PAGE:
A debate debacle. Unemployment at persistent high rates. Ten or so key states still in play. A fusillade of campaign ads, each televised spot more odious, more duplicitous. One vice-presidential candidate who looks like a cackling jackal, the other who looks like a Puritan preacher, neither with much of a fealty for facts. The first American election with no white Protestant on either ticket. A late-campaign hurricane that produced a storm surge of 14 feet in Manhattan and left millions without power. All the elements of a riveting American presidential contest are here.
Except that Campaign 2012, slouching toward its dreary Tuesday conclusion, is so repellent (and, worse yet, so boring) that everybody concerned – candidates, campaign aides, commentators, most of all the voters – cannot wait until it ends. In this campaign, no one's exhilarated and everyone's exhausted.
How can that be?
First, the political environment. The economy remains in distress and the parties are in mortal combat. These two elements are locked in a kind of death grip, in which the continuing crisis forces the camps apart instead of drawing them together.
It does not help that the nation, for the first time in modern history, has the ideologically aligned political parties that are the norm in Canada and Western Europe, but were stubbornly elusive in the United States. Political scientists are happy – they bemoaned the mushy American parties, illogically giving the Democrats a conservative rump and the Republicans a liberal wing. Now the most liberal Republican on Capitol Hill is markedly more conservative than the most conservative Democrat, providing no common ground and no impetus for compromise. Indeed, the notion of compromise is now discredited in a country whose Constitution was formed by an agreement known to history as the Great Compromise.
Then there are the candidates, two men of great distinction, honour and achievement who have transformed the political square into a mosh pit and the election process into a rumble. In debate performances and on television ads, they more resemble Pinocchio than Lester Pearson. No peacekeeping here. This isn't a campaign, it's a brawl.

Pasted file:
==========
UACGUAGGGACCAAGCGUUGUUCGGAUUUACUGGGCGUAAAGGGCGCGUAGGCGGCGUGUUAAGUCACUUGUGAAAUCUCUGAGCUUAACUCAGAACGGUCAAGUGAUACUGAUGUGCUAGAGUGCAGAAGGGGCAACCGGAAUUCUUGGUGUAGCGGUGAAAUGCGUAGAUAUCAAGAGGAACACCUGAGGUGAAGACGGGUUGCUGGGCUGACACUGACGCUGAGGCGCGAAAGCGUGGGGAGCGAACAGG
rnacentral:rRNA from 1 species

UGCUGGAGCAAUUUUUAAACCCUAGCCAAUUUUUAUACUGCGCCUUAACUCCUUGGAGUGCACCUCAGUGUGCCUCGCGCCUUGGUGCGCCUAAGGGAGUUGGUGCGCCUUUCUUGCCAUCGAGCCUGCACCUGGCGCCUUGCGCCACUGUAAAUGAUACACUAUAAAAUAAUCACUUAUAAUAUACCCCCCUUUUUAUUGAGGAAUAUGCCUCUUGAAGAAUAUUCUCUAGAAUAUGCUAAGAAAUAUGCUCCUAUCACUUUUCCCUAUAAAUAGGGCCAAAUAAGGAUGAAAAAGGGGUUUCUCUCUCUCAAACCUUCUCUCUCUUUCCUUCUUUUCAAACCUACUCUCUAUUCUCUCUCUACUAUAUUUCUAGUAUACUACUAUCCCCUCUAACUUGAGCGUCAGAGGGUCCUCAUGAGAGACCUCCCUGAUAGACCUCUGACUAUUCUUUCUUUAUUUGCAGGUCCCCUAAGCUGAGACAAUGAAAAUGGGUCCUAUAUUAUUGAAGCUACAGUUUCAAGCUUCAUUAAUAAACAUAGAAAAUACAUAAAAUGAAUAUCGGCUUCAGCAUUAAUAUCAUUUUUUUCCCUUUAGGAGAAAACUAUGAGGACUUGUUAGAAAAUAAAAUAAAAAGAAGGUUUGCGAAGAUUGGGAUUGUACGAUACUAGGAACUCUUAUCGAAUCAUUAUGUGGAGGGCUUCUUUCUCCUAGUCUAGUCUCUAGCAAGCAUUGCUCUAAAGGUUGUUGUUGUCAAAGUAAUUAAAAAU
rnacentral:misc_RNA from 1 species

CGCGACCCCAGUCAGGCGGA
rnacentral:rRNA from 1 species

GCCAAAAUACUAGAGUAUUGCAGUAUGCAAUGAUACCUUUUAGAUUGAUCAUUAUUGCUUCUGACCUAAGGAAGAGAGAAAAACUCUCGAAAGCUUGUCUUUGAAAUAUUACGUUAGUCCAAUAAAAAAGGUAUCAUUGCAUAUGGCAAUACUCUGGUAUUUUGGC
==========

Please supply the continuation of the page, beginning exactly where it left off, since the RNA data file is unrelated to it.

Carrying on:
The state of the campaign is all the more ironic because of the incongruities at the heart of this political struggle.
It is, after all, a contest between two men who are astonishingly similar. They've been golden boys since their teens, both shaped by graduate studies at Harvard, both came of age politically on the East Coast but are rooted in the Midwest, both are outsiders, one an African American, one a Mormon. Both are introverts, both are old-fashioned grinds, both are drawn to hardcover books. And yet their outlooks are so different, particularly when it comes to the role of government in solving problems, in easing the way of the poor, the striving, the aged and the infirm – and even in addressing the distress of a monstrous hurricane.
Perhaps it comes down to the notion that these two breakthrough candidates, who have shattered racial and religious barriers on the way to their nominations, are so relentlessly and perhaps deliberately conventional. The drama of their emergence as outsiders is dampened by their lack of personal drama, even their colourless personalities.
But they're the guys we've got, and as the hours of campaigning diminish, the polls seem stuck at the very centre. The national vote doesn't matter, as we learned in 2000 and as our forebears learned in 1876 and 1888 – elections when the winner of the popular vote lost the election. What matters now are a handful of states that have nothing in common with each other – places like Florida, with two sun-baked seacoasts, and Ohio, on the frosty Great Lakes; and Nevada, where prostitution is legal, and North Carolina, where Baptists are the largest religious denomination.
The political cognoscenti are spending the final breaths of the campaign gauging the effects of the Tea Party and reading the tea leaves of scores of polls. These soundings show Mitt Romney apparently surging in New Hampshire, Barack Obama in Iowa. They tell us the gender gap gives Mr. Romney a six-point bulge in Ohio among men, but gives Mr. Obama an advantage among women three times as big. They tell us independents in Florida favoured Mr. Obama by seven percentage points four years ago, but favour Mr. Romney by five points now. Making sense of all this is like getting all the leaves in your autumn rake pile to point the same way.
Amid the storm clouds that have enveloped this campaign – and that shrouded the states raked by Hurricane Sandy in the last days of the contest – there nonetheless is a ray of sunshine. In all likelihood it will be over on Tuesday. In this campaign, no one is hoping for an overtime like the one produced a dozen years ago by George W. Bush and Albert Gore Jr.
David M. Shribman, executive editor of the Pittsburgh Post-Gazette, won a Pulitzer Prize for his coverage of U.S. politics.